An unequal battle that changed the plans of the Japanese command. A successful shot of “Ondina” (7 photos)

Category: Nostalgia, Army, PEGI 0+
21 December 2023

The Battle of the Cocos Islands was a battle between the Japanese raiders Hokoku Maru and Aikoku Maru and the British minesweeper Bengal, which was escorting the Dutch tanker Ondina. The battle took place on November 11, 1942 - not to be confused with the battle between the German cruiser Emden and the Australian cruiser Sydney on November 9, 1914. It is noteworthy that it is called exactly the same.

Imperial Navy auxiliary cruiser Hokoku Maru


To combat Allied maritime trade, on August 29, 1941, the Imperial Navy requisitioned three modern high-speed ships that were supposed to sail between Osaka and South America: Aikoku Maru, Hokoku Maru and Gokoku Maru. At private shipyards, the ships were converted into auxiliary cruisers, installing four 152 mm Type 41 guns, two 76 mm anti-aircraft guns, and two twin mounts of heavy machine guns. In addition, each auxiliary cruiser received 2 twin torpedo tubes and a pair of reconnaissance seaplanes.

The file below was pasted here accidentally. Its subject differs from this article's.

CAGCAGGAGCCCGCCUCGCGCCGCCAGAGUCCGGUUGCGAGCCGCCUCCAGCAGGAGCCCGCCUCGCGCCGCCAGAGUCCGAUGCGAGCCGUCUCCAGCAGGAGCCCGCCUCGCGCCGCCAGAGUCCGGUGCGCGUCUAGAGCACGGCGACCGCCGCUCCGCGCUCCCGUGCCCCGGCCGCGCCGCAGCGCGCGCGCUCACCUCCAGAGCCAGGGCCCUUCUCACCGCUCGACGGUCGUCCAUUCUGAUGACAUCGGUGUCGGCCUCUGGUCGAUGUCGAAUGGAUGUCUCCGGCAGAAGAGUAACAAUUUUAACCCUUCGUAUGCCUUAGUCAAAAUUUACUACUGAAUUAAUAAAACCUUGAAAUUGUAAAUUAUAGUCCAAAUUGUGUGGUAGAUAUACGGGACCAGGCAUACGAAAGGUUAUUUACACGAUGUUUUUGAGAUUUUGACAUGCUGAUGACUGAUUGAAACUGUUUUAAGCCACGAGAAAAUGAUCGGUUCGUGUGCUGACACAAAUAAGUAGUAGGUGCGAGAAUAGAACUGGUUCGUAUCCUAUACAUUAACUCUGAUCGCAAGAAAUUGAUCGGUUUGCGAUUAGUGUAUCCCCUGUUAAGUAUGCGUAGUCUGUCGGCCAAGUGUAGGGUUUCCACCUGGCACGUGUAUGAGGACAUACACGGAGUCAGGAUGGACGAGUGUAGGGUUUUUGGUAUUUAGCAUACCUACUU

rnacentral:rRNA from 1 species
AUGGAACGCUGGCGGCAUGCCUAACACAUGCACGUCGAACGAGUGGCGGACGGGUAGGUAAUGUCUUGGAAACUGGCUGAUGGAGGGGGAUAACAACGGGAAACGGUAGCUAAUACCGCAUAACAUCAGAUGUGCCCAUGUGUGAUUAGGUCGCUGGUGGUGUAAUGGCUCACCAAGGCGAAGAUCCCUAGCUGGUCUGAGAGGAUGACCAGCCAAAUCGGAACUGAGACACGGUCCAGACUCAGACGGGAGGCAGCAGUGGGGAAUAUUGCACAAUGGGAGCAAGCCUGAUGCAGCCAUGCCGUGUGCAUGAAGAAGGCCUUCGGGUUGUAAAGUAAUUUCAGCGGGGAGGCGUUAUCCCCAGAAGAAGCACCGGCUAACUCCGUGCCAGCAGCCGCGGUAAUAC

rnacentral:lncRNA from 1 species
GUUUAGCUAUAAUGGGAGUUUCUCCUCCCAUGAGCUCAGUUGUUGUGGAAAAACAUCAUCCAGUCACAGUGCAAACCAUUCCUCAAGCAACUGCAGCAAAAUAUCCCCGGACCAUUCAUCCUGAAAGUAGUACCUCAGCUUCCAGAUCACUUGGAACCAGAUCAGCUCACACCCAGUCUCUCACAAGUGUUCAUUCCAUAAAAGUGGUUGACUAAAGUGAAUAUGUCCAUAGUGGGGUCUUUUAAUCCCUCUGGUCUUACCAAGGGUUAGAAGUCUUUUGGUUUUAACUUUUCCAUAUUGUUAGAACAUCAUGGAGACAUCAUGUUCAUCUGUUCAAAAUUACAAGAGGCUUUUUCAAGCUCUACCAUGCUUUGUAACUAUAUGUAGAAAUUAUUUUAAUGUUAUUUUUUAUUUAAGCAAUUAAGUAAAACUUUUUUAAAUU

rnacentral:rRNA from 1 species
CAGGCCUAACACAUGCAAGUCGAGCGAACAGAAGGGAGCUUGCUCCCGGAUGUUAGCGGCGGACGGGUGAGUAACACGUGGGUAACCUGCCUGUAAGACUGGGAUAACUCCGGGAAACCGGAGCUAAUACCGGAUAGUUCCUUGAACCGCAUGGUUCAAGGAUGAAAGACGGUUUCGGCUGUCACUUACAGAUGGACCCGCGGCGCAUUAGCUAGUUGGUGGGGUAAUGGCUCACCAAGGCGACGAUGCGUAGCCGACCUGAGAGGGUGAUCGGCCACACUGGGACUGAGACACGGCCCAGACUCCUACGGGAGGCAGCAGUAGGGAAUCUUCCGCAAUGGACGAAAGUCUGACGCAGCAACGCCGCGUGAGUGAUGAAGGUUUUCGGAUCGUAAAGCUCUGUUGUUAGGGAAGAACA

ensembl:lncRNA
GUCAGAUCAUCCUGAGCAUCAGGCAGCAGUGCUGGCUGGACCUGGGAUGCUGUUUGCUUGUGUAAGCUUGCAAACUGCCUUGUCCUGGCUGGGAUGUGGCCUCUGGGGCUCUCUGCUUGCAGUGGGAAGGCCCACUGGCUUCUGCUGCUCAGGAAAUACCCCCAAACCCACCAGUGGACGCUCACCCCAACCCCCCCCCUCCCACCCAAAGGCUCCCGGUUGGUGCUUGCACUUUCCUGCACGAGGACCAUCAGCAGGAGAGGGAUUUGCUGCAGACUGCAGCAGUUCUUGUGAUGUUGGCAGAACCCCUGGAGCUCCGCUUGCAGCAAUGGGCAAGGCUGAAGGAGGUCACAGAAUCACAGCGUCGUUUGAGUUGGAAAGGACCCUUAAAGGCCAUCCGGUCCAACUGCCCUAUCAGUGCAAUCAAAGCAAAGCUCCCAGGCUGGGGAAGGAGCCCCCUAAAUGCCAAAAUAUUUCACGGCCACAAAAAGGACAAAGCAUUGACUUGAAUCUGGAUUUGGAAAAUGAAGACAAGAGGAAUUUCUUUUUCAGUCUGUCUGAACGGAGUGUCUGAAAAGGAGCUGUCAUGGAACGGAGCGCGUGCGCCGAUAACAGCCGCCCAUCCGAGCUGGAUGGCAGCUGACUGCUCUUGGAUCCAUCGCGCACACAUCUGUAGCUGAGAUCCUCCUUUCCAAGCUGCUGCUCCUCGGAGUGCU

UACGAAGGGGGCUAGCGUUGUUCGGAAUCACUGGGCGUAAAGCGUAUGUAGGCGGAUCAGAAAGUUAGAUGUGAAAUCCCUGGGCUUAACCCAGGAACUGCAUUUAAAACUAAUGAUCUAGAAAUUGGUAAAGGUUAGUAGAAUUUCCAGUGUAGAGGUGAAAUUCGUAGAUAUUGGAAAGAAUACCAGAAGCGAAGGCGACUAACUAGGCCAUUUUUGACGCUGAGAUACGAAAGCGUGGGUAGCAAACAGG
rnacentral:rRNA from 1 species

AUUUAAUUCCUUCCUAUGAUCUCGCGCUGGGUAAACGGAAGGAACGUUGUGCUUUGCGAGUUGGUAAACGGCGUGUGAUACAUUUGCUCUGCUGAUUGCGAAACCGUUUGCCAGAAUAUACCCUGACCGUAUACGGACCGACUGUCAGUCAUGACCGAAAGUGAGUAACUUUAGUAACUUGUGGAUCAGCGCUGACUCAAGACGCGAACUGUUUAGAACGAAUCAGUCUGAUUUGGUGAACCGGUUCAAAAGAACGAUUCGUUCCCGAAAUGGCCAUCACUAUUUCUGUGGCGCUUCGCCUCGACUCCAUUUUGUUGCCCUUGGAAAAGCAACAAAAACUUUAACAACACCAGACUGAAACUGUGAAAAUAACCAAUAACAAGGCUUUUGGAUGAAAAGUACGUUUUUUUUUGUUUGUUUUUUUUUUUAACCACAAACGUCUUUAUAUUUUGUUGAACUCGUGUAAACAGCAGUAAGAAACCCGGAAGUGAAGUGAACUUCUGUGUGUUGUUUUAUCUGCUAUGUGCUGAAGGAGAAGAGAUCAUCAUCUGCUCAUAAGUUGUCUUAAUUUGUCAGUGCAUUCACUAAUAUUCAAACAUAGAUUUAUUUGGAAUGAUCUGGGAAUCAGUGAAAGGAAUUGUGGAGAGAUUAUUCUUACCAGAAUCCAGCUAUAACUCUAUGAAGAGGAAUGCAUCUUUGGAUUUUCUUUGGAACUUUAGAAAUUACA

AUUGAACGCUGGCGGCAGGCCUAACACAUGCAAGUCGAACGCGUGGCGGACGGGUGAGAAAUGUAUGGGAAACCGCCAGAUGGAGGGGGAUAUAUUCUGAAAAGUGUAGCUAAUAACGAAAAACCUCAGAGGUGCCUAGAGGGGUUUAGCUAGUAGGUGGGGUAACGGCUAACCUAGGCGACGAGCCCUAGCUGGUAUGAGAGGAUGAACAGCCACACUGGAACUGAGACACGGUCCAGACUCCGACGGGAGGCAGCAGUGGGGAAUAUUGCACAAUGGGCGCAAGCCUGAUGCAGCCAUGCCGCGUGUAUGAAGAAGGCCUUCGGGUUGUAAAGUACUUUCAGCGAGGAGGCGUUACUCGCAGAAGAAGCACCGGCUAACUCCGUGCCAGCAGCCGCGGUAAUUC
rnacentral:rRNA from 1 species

The Hokoku Maru and Aikoku Maru set sail for the Indian Ocean to attack Allied communications. They acted quite successfully, and in a couple of months they sank about a dozen transport ships flying the flags of New Zealand, Australia, the Netherlands and the USA. In October 1942, the cruisers left for the northern coast of Australia to search for new targets.

Auxiliary cruiser Aikoku Maru and seaplane Kawanishi E7K as of spring 1942

In early November, the Dutch tanker Ondina set sail from Fremantle, Australia, to Abadan, escorted by the Bathurst-class minesweeper Bengal, which belonged to the Indian Royal Navy. The Bengal carried one 76 mm gun and three anti-aircraft guns: one 40 mm and two single 20 mm. To protect against Japanese submarines, the Ondina was armed with a 102-mm gun—these were installed on most Allied ships sailing in the Indian Ocean. The crew of the tanker was sufficiently trained and equipped with experienced artillery crew.

Progress of the battle

On November 11, 1942, at 11:45, the signalman on the Bengal noticed smoke on the oncoming course. When the ships came close enough for identification, the minesweeper captain, Lieutenant Commander Wilson, identified the unknown ship as an enemy auxiliary cruiser, and then noticed another one. He ordered the tanker to be radioed so that it would depart at maximum speed to the rendezvous point, and the minesweeper sounded a combat alarm and headed to intercept the Japanese cruisers.